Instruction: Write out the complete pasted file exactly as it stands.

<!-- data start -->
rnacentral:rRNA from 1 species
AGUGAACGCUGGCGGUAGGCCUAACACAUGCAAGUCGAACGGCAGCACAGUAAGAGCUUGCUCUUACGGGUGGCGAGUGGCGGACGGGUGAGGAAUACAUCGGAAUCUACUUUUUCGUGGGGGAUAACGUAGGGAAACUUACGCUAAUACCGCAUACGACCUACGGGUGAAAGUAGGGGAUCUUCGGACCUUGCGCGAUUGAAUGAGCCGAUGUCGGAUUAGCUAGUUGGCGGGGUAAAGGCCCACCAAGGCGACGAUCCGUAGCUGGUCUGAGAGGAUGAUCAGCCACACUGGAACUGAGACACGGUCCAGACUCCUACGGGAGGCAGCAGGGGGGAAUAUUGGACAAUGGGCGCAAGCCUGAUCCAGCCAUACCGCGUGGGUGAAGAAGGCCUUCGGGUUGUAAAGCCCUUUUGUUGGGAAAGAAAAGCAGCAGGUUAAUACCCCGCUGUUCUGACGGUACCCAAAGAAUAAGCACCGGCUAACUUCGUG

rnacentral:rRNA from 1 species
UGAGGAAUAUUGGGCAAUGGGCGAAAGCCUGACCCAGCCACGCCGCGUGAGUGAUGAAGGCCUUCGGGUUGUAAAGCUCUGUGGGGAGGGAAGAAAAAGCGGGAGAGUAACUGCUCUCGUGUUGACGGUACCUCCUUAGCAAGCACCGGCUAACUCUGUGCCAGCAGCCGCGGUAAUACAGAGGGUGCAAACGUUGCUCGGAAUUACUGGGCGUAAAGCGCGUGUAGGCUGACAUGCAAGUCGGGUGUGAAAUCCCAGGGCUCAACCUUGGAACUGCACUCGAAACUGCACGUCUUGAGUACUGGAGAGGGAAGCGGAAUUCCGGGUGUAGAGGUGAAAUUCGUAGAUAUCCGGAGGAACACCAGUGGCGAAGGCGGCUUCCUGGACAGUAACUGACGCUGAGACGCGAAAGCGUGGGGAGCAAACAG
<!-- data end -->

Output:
rnacentral:rRNA from 1 species
AGUGAACGCUGGCGGUAGGCCUAACACAUGCAAGUCGAACGGCAGCACAGUAAGAGCUUGCUCUUACGGGUGGCGAGUGGCGGACGGGUGAGGAAUACAUCGGAAUCUACUUUUUCGUGGGGGAUAACGUAGGGAAACUUACGCUAAUACCGCAUACGACCUACGGGUGAAAGUAGGGGAUCUUCGGACCUUGCGCGAUUGAAUGAGCCGAUGUCGGAUUAGCUAGUUGGCGGGGUAAAGGCCCACCAAGGCGACGAUCCGUAGCUGGUCUGAGAGGAUGAUCAGCCACACUGGAACUGAGACACGGUCCAGACUCCUACGGGAGGCAGCAGGGGGGAAUAUUGGACAAUGGGCGCAAGCCUGAUCCAGCCAUACCGCGUGGGUGAAGAAGGCCUUCGGGUUGUAAAGCCCUUUUGUUGGGAAAGAAAAGCAGCAGGUUAAUACCCCGCUGUUCUGACGGUACCCAAAGAAUAAGCACCGGCUAACUUCGUG

rnacentral:rRNA from 1 species
UGAGGAAUAUUGGGCAAUGGGCGAAAGCCUGACCCAGCCACGCCGCGUGAGUGAUGAAGGCCUUCGGGUUGUAAAGCUCUGUGGGGAGGGAAGAAAAAGCGGGAGAGUAACUGCUCUCGUGUUGACGGUACCUCCUUAGCAAGCACCGGCUAACUCUGUGCCAGCAGCCGCGGUAAUACAGAGGGUGCAAACGUUGCUCGGAAUUACUGGGCGUAAAGCGCGUGUAGGCUGACAUGCAAGUCGGGUGUGAAAUCCCAGGGCUCAACCUUGGAACUGCACUCGAAACUGCACGUCUUGAGUACUGGAGAGGGAAGCGGAAUUCCGGGUGUAGAGGUGAAAUUCGUAGAUAUCCGGAGGAACACCAGUGGCGAAGGCGGCUUCCUGGACAGUAACUGACGCUGAGACGCGAAAGCGUGGGGAGCAAACAG